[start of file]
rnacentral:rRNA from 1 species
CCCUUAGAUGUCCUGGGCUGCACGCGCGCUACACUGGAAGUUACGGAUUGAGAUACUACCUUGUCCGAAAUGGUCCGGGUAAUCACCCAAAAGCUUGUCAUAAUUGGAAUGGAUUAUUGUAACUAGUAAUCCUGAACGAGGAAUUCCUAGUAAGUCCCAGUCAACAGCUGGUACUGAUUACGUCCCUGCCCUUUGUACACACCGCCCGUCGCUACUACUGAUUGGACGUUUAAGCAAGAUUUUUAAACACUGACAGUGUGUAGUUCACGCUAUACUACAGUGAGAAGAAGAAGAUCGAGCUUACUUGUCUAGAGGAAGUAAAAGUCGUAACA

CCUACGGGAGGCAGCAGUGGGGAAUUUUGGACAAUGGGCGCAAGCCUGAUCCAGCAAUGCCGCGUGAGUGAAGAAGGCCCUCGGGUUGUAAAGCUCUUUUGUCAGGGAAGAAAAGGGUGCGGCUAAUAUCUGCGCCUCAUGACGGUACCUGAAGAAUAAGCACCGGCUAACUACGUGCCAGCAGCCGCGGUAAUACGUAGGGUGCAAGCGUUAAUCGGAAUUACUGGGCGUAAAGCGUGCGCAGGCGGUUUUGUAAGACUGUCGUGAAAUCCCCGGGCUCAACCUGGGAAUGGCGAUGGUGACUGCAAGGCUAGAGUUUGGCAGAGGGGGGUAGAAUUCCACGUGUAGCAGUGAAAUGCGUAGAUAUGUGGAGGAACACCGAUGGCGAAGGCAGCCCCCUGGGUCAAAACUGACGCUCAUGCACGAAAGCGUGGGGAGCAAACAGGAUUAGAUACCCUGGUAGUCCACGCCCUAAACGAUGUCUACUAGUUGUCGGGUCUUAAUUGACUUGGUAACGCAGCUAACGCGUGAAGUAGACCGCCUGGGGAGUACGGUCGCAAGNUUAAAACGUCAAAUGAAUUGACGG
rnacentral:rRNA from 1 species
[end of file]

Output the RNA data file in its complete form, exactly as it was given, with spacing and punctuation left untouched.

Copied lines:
rnacentral:rRNA from 1 species
CCCUUAGAUGUCCUGGGCUGCACGCGCGCUACACUGGAAGUUACGGAUUGAGAUACUACCUUGUCCGAAAUGGUCCGGGUAAUCACCCAAAAGCUUGUCAUAAUUGGAAUGGAUUAUUGUAACUAGUAAUCCUGAACGAGGAAUUCCUAGUAAGUCCCAGUCAACAGCUGGUACUGAUUACGUCCCUGCCCUUUGUACACACCGCCCGUCGCUACUACUGAUUGGACGUUUAAGCAAGAUUUUUAAACACUGACAGUGUGUAGUUCACGCUAUACUACAGUGAGAAGAAGAAGAUCGAGCUUACUUGUCUAGAGGAAGUAAAAGUCGUAACA

CCUACGGGAGGCAGCAGUGGGGAAUUUUGGACAAUGGGCGCAAGCCUGAUCCAGCAAUGCCGCGUGAGUGAAGAAGGCCCUCGGGUUGUAAAGCUCUUUUGUCAGGGAAGAAAAGGGUGCGGCUAAUAUCUGCGCCUCAUGACGGUACCUGAAGAAUAAGCACCGGCUAACUACGUGCCAGCAGCCGCGGUAAUACGUAGGGUGCAAGCGUUAAUCGGAAUUACUGGGCGUAAAGCGUGCGCAGGCGGUUUUGUAAGACUGUCGUGAAAUCCCCGGGCUCAACCUGGGAAUGGCGAUGGUGACUGCAAGGCUAGAGUUUGGCAGAGGGGGGUAGAAUUCCACGUGUAGCAGUGAAAUGCGUAGAUAUGUGGAGGAACACCGAUGGCGAAGGCAGCCCCCUGGGUCAAAACUGACGCUCAUGCACGAAAGCGUGGGGAGCAAACAGGAUUAGAUACCCUGGUAGUCCACGCCCUAAACGAUGUCUACUAGUUGUCGGGUCUUAAUUGACUUGGUAACGCAGCUAACGCGUGAAGUAGACCGCCUGGGGAGUACGGUCGCAAGNUUAAAACGUCAAAUGAAUUGACGG
rnacentral:rRNA from 1 species